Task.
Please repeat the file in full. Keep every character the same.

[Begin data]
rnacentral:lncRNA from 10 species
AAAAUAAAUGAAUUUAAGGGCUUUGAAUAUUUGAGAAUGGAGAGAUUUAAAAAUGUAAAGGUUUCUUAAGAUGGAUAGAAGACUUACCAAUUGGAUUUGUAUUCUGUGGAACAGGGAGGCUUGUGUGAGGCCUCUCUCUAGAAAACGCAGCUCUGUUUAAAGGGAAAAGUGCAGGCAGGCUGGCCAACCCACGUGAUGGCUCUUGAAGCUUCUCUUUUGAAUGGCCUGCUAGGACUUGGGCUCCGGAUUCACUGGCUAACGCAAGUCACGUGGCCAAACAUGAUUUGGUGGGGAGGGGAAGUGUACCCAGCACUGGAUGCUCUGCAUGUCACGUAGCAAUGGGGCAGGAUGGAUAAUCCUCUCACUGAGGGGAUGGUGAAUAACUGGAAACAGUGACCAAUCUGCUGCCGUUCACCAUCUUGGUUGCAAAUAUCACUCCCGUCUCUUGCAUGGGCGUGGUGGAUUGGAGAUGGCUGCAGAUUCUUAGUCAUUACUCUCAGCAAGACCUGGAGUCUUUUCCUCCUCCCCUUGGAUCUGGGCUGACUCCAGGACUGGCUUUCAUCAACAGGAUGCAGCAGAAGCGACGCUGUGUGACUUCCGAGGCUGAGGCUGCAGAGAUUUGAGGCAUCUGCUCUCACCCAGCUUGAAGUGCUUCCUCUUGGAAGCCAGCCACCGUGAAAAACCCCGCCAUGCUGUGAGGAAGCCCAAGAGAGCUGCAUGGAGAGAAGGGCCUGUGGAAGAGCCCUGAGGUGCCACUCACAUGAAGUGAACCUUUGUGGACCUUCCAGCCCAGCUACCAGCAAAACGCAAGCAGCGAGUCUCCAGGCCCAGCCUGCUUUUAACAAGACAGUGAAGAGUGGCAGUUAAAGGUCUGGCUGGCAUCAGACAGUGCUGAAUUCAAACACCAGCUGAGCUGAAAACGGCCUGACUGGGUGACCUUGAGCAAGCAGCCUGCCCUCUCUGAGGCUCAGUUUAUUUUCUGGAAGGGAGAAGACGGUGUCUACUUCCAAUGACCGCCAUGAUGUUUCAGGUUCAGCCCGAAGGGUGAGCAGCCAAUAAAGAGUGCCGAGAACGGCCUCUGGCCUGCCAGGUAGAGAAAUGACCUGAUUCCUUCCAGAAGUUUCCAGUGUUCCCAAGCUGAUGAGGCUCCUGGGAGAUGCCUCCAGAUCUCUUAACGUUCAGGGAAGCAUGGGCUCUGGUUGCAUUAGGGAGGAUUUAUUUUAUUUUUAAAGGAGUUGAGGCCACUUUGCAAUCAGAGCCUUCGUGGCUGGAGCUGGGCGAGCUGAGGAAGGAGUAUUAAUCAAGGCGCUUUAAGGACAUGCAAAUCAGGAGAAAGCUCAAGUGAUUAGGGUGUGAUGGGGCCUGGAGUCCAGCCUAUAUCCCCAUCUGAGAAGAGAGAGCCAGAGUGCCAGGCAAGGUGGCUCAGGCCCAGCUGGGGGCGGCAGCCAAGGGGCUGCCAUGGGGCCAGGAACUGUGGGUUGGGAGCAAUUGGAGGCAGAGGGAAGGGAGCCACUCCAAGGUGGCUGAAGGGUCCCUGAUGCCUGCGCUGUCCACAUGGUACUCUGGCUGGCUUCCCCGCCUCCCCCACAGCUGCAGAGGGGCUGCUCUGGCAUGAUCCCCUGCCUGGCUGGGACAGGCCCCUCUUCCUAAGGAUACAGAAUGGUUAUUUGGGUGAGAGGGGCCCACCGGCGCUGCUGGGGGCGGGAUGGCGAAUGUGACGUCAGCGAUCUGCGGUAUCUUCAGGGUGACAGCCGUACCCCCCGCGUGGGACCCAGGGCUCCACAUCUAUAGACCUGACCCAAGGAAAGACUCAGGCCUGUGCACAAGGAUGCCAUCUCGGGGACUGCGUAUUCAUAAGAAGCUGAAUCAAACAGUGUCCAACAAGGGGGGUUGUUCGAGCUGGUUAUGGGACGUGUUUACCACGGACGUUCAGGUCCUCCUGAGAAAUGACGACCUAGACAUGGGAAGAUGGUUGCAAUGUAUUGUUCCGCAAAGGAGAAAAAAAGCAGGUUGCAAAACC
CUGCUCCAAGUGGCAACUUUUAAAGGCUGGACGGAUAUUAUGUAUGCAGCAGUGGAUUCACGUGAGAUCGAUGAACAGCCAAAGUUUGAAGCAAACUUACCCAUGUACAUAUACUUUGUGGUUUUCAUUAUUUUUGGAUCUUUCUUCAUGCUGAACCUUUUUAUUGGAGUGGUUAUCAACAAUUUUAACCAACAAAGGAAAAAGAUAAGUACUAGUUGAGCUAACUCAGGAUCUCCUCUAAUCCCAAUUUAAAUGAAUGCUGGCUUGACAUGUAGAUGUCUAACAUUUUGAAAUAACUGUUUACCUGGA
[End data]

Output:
rnacentral:lncRNA from 10 species
AAAAUAAAUGAAUUUAAGGGCUUUGAAUAUUUGAGAAUGGAGAGAUUUAAAAAUGUAAAGGUUUCUUAAGAUGGAUAGAAGACUUACCAAUUGGAUUUGUAUUCUGUGGAACAGGGAGGCUUGUGUGAGGCCUCUCUCUAGAAAACGCAGCUCUGUUUAAAGGGAAAAGUGCAGGCAGGCUGGCCAACCCACGUGAUGGCUCUUGAAGCUUCUCUUUUGAAUGGCCUGCUAGGACUUGGGCUCCGGAUUCACUGGCUAACGCAAGUCACGUGGCCAAACAUGAUUUGGUGGGGAGGGGAAGUGUACCCAGCACUGGAUGCUCUGCAUGUCACGUAGCAAUGGGGCAGGAUGGAUAAUCCUCUCACUGAGGGGAUGGUGAAUAACUGGAAACAGUGACCAAUCUGCUGCCGUUCACCAUCUUGGUUGCAAAUAUCACUCCCGUCUCUUGCAUGGGCGUGGUGGAUUGGAGAUGGCUGCAGAUUCUUAGUCAUUACUCUCAGCAAGACCUGGAGUCUUUUCCUCCUCCCCUUGGAUCUGGGCUGACUCCAGGACUGGCUUUCAUCAACAGGAUGCAGCAGAAGCGACGCUGUGUGACUUCCGAGGCUGAGGCUGCAGAGAUUUGAGGCAUCUGCUCUCACCCAGCUUGAAGUGCUUCCUCUUGGAAGCCAGCCACCGUGAAAAACCCCGCCAUGCUGUGAGGAAGCCCAAGAGAGCUGCAUGGAGAGAAGGGCCUGUGGAAGAGCCCUGAGGUGCCACUCACAUGAAGUGAACCUUUGUGGACCUUCCAGCCCAGCUACCAGCAAAACGCAAGCAGCGAGUCUCCAGGCCCAGCCUGCUUUUAACAAGACAGUGAAGAGUGGCAGUUAAAGGUCUGGCUGGCAUCAGACAGUGCUGAAUUCAAACACCAGCUGAGCUGAAAACGGCCUGACUGGGUGACCUUGAGCAAGCAGCCUGCCCUCUCUGAGGCUCAGUUUAUUUUCUGGAAGGGAGAAGACGGUGUCUACUUCCAAUGACCGCCAUGAUGUUUCAGGUUCAGCCCGAAGGGUGAGCAGCCAAUAAAGAGUGCCGAGAACGGCCUCUGGCCUGCCAGGUAGAGAAAUGACCUGAUUCCUUCCAGAAGUUUCCAGUGUUCCCAAGCUGAUGAGGCUCCUGGGAGAUGCCUCCAGAUCUCUUAACGUUCAGGGAAGCAUGGGCUCUGGUUGCAUUAGGGAGGAUUUAUUUUAUUUUUAAAGGAGUUGAGGCCACUUUGCAAUCAGAGCCUUCGUGGCUGGAGCUGGGCGAGCUGAGGAAGGAGUAUUAAUCAAGGCGCUUUAAGGACAUGCAAAUCAGGAGAAAGCUCAAGUGAUUAGGGUGUGAUGGGGCCUGGAGUCCAGCCUAUAUCCCCAUCUGAGAAGAGAGAGCCAGAGUGCCAGGCAAGGUGGCUCAGGCCCAGCUGGGGGCGGCAGCCAAGGGGCUGCCAUGGGGCCAGGAACUGUGGGUUGGGAGCAAUUGGAGGCAGAGGGAAGGGAGCCACUCCAAGGUGGCUGAAGGGUCCCUGAUGCCUGCGCUGUCCACAUGGUACUCUGGCUGGCUUCCCCGCCUCCCCCACAGCUGCAGAGGGGCUGCUCUGGCAUGAUCCCCUGCCUGGCUGGGACAGGCCCCUCUUCCUAAGGAUACAGAAUGGUUAUUUGGGUGAGAGGGGCCCACCGGCGCUGCUGGGGGCGGGAUGGCGAAUGUGACGUCAGCGAUCUGCGGUAUCUUCAGGGUGACAGCCGUACCCCCCGCGUGGGACCCAGGGCUCCACAUCUAUAGACCUGACCCAAGGAAAGACUCAGGCCUGUGCACAAGGAUGCCAUCUCGGGGACUGCGUAUUCAUAAGAAGCUGAAUCAAACAGUGUCCAACAAGGGGGGUUGUUCGAGCUGGUUAUGGGACGUGUUUACCACGGACGUUCAGGUCCUCCUGAGAAAUGACGACCUAGACAUGGGAAGAUGGUUGCAAUGUAUUGUUCCGCAAAGGAGAAAAAAAGCAGGUUGCAAAACC
CUGCUCCAAGUGGCAACUUUUAAAGGCUGGACGGAUAUUAUGUAUGCAGCAGUGGAUUCACGUGAGAUCGAUGAACAGCCAAAGUUUGAAGCAAACUUACCCAUGUACAUAUACUUUGUGGUUUUCAUUAUUUUUGGAUCUUUCUUCAUGCUGAACCUUUUUAUUGGAGUGGUUAUCAACAAUUUUAACCAACAAAGGAAAAAGAUAAGUACUAGUUGAGCUAACUCAGGAUCUCCUCUAAUCCCAAUUUAAAUGAAUGCUGGCUUGACAUGUAGAUGUCUAACAUUUUGAAAUAACUGUUUACCUGGA